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MTA Calls Climate Change An 'Urgent Reality'

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Richard Drew
/
AP
Submerged cars near a parking garage in Manhattan in the aftermath of Superstorm Sandy in 2012. New York City awakened to a flooded subway system, shuttered financial markets and hundreds of thousands of people without power.

In a report released Wednesday, the MTA, the nation’s largest public transit system, called climate change an urgent reality. The agency says it’s budgeted about $3 billion toward addressing climate change’s biggest threats.

The MTA says the most pressing threat to transit is flooding from rising sea levels and storm surges. They say the system suffered more than $5 billion worth of damage from flooding after Superstorm Sandy in 2012. Since then, they’ve spent hundreds of millions on flood protection measures like reinforcing tunnel walls or floodproofing substations.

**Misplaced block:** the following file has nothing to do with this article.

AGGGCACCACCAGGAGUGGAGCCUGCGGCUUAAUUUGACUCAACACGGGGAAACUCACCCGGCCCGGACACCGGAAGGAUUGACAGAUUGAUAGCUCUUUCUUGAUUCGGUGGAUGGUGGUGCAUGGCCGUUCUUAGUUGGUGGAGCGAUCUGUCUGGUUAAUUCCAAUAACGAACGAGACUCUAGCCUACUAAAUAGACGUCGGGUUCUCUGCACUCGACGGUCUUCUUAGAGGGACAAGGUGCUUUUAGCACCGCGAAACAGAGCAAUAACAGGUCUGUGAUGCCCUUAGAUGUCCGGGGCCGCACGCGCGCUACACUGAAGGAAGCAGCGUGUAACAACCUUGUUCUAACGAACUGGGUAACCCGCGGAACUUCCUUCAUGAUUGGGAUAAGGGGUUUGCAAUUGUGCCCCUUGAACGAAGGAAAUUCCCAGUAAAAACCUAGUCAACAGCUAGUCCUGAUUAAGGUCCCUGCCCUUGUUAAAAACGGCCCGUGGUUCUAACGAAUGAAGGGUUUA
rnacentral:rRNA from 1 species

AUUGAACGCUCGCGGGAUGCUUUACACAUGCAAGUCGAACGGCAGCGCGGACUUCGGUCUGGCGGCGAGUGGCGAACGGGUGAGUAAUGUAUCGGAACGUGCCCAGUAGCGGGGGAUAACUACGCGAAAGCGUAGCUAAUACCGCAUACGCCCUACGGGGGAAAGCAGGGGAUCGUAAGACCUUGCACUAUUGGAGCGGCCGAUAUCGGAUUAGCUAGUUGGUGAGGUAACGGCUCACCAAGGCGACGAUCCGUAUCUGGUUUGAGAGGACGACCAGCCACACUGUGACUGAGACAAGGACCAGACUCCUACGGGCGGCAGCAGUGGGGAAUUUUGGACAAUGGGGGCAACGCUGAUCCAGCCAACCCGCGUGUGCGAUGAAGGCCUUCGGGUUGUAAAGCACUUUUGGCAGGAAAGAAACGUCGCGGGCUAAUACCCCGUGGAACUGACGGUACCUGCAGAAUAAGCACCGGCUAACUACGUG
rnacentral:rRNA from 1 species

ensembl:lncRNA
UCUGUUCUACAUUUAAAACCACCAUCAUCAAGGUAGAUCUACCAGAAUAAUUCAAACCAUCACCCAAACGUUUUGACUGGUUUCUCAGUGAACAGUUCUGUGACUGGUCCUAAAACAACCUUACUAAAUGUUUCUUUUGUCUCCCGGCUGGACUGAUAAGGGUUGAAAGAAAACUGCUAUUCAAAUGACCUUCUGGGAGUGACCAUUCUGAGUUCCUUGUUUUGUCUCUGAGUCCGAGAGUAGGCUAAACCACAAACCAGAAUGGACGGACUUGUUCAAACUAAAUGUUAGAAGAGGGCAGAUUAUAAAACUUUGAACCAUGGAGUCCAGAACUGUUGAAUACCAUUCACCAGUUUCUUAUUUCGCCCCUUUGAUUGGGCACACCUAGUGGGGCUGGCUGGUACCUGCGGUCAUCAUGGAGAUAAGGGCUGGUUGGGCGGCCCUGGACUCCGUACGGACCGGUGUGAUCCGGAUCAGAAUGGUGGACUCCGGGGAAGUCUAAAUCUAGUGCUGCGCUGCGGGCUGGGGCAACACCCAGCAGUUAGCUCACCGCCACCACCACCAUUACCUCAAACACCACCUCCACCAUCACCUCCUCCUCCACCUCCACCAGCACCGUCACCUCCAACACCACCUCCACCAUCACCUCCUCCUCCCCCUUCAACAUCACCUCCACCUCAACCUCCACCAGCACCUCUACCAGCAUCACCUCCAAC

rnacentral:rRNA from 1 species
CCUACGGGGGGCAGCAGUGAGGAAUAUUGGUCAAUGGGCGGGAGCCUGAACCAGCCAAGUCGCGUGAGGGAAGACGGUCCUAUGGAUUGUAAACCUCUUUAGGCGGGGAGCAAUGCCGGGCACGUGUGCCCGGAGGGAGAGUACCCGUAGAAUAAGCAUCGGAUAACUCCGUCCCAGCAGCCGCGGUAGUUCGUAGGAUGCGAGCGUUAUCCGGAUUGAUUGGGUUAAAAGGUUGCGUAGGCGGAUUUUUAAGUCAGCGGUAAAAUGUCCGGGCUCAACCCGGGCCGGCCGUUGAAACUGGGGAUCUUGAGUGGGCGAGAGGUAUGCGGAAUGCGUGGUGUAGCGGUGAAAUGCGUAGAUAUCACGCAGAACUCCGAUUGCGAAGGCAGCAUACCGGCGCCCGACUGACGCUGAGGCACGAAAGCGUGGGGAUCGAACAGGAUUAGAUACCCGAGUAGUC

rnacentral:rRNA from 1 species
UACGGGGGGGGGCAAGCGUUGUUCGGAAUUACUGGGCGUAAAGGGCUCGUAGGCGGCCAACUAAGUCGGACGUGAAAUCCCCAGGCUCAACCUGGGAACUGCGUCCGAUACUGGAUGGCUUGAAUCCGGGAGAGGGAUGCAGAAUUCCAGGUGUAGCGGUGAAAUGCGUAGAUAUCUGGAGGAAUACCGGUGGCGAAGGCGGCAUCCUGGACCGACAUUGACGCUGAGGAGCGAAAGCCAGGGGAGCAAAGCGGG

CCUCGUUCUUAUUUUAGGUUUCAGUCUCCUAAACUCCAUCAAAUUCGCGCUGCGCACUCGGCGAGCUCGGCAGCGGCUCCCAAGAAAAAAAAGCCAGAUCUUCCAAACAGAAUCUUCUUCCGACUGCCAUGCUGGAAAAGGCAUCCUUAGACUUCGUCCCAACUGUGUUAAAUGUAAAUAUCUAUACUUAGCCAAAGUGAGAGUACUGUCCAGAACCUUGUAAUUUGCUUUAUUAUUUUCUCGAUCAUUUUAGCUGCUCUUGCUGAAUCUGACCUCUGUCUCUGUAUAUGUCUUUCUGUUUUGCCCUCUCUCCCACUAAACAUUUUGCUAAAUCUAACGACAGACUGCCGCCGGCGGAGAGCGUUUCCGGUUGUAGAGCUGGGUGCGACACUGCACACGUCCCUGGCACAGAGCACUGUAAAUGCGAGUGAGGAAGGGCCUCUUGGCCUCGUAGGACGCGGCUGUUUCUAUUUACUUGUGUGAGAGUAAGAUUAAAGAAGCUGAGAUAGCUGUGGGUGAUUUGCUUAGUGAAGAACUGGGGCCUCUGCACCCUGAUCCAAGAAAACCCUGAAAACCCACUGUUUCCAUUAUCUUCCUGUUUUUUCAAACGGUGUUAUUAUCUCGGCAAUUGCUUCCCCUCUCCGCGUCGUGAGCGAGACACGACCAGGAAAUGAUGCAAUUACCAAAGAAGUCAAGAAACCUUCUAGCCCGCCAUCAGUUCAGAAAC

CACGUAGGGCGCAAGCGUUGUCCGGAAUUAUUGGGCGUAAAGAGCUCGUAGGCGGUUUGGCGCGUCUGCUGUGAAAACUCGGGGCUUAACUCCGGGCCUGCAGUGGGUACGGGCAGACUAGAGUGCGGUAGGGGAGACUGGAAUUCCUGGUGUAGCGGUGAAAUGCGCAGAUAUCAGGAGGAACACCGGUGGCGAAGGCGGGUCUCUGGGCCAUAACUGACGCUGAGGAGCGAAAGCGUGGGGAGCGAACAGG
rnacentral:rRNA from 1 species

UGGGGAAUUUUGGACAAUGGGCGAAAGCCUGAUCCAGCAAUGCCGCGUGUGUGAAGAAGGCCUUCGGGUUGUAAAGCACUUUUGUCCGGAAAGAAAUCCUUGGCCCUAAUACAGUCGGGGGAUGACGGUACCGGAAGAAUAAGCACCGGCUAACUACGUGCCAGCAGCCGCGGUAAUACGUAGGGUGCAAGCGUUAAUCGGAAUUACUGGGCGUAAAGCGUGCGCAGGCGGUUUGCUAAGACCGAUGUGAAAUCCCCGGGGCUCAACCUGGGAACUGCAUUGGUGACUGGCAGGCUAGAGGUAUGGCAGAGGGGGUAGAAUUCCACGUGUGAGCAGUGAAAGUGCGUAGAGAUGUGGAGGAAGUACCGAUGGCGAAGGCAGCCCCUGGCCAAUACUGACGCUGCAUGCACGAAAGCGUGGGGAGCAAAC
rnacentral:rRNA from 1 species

The MTA expects that work to prepare for climate change will continue at least into the 2020s. Sea level in the region is expected to rise 8 to 30 inches by the 2050s.

MTA funding comes from the federal government, the states of New York and Connecticut, and from New York City.

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